A Pennsylvania county has filed a lawsuit against Dominion Voting Systems in an action related to the highly contested 2020 election in the state.
Officials in Fulton County alleged that they found “severe” voting data after the election was over.
The suit claims that at or about the time of the election, officials “became aware of severe anomalies in the Dominion Voting Systems due to the inaccuracy and/or inability to reconcile voter data with votes actually cast and counted” by the company’s proprietary system, Just the News reported.
County officials say that a report released earlier this month detailed “security measures necessary to harden and secure” Dominion’s systems were not implemented, that “external USB hard drives had been inserted in the machines on several occasions,” and that “there is no known list of approved external drives that could have been or were used or inserted into the machines.”
The lawsuit also claims that officials discovered a “python script” had been installed on at least one device, and that it was “connected to an external device on an external network” that was allegedly linked to Canada.
The suit alleges that Dominion is in “breach of contract and breach of warranty, and breach of other common-law and statutory duties,” which officials say entitles the county to “all fees, expenditures and costs made in reliance upon and in consideration for the provision by Dominion of a serviceable product that was fit for its intended purpose and use.”
Former President Donald Trump’s legal team challenged election results in Pennsylvania, making similar allegations. But those court challenges were unsuccessful.
Similar instances of alleged vote fraud were revealed in conservative filmmaker Dinesh D’Souza’s documentary released over the summer called “2,000 Mules.” In it, ballot integrity group True the Vote’s Catherine Engelbrecht and Gregg Philips provide video, cellphone tracking, and other evidence to claim that some 2,000 individuals were involved in trafficking ballots to drop boxes for weeks before the election.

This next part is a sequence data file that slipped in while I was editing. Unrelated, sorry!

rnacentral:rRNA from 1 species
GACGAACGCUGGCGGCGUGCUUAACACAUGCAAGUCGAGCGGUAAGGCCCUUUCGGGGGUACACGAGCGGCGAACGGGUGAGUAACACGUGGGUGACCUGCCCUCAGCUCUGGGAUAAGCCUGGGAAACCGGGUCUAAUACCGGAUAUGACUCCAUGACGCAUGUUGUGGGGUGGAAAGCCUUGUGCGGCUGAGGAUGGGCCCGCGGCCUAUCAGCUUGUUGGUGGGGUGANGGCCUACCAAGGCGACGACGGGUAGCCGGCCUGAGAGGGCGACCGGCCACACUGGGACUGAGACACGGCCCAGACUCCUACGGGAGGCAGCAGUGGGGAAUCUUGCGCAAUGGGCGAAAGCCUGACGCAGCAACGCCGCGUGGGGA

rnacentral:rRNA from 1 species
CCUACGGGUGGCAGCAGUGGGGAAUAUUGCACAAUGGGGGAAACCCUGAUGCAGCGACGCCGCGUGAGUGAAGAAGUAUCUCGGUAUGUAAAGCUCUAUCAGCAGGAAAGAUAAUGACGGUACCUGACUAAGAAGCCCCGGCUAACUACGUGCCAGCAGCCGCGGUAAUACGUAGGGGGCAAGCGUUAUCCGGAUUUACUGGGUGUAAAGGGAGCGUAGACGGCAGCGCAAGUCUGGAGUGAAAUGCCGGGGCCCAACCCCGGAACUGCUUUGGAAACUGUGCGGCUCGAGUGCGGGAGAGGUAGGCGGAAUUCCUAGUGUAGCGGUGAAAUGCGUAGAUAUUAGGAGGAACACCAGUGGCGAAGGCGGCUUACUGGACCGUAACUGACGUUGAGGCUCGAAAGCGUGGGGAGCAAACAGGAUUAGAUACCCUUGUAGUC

Philips noted that the acts of stuffing ballot boxes in various parts of the country — mostly swing states — followed a consistent pattern, with every operation featuring “a set of collectors, a collection point or stash house for all the ballots, the bundling of those ballots, and then the casting of those ballots [in the drop boxes] by, what we were calling, ‘mules.’”
“And as we began putting the pieces and parts together, it really did dawn on us: ‘Well, this sounds like what’s happening in Atlanta or in San Luis, Arizona’… This was a conspiracy, this was organized crime,” he explained.
At one point in the interview, Engelbrecht talked about the “fateful moment” when she turned to Philips and asked, “How do we take down a cartel?”
“That’s when we began to use the terms like stash houses, and drop points, and mules, and trafficking, and voter abuse because that’s what we’re looking at,” she said.
A press release noted:
True the Vote spent $2 million to buy publicly available cell phone data that can pinpoint an individual’s location to within a few inches. They then narrowed their search to targets that began visiting drop boxes and NGO offices during the early voting weeks leading up to November 3rd, activity that was contrary to their prior “pattern of life.” In Georgia, the threshold was at least two dozen trips to drop boxes and five visits to a non-profit.